January 4 - THE VERDICT (1982)

"Your honor, with all due respect: if you're going to try my case for me, I wish you wouldn't lose it."

  Image credit: rottentomatoes.com

Image credit: rottentomatoes.com

It's really neat to watch a movie that lets its actors breathe. Sidney Lumet -- the director of THE VERDICT -- often locks down the camera, lights the scene, frames up the shot, and allows Paul Newman, Charlotte Rampling, and Jack Warden (Warden played President "Bobby" in yesterday's BEING THERE) to deliver captivating performances without needlessly interrupting the flow by switching from mid to close-up to wide to close-up again just to prove coverage. The cuts and camera movements in THE VERDICT are motivated and always add something to the film in that moment. That kind of directorial control extends to every aspect of the movie, and I especially noticed it with the lighting. Lighting is my personal biggest weak spot. It's mostly mystifying to me, and I generally lack the patience to really sit down and design the lighting for each scene. In THE VERDICT, though, the lighting for every shot conveys information and keeps the scene visually interesting. Time of day, hints at the weather outside, and emphasis on the dramatic elements to the story are all facets of what makes the lighting in THE VERDICT such a big part of why the movie is so compelling.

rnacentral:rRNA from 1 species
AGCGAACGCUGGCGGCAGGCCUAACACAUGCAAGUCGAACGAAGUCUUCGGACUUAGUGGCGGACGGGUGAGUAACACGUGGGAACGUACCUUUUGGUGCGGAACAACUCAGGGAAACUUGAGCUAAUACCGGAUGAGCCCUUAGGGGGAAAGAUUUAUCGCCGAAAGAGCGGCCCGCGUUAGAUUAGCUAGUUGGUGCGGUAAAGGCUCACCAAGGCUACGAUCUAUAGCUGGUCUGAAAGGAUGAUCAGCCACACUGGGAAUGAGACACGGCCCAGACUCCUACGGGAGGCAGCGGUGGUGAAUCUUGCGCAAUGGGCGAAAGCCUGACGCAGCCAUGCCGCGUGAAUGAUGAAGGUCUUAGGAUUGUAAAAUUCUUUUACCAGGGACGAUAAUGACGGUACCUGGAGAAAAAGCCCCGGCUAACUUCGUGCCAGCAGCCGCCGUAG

The lighting, the framing, the acting. MOVIES.

The lighting, the framing, the acting. MOVIES.

I imagine I'll get around to watching more Paul Newman this year, but suffice it to say he's the man. He plays a bad person trying to do a good thing in THE VERDICT, and does it subtly without falling prey to the melodramatic patheticism another actor in another movie might not be deft enough to avoid. The strong performances of the central characters really draw attention to some of the overacting in some of the supporting roles, unfortunately. One or two characters get a single scene to lose control of their emotions and they definitely go for it. Besides that and a couple moments when you suspect the producers insisted on some "make things clearer" devices, however, THE VERDICT is a phenomenal film worth watching. I remember trying to watch this movie some years ago but not making it very far into it. I don't know what stopped me before, but watching it this afternoon and evening -- even while sleep-deprived -- was much easier.

Reading yesterday's post about BEING THERE is already funny. It was really hard to pound out my thoughts on that movie, but I didn't have to be so whiny about it. Some posts might be longer than other posts, but the goal here is mostly just to watch a lot of movies and write something about each one and hopefully I keep my sanity along the way. Tune in tomorrow for maybe more Sidney Lumet? Perhaps another Tom Hanks movie? We'll see!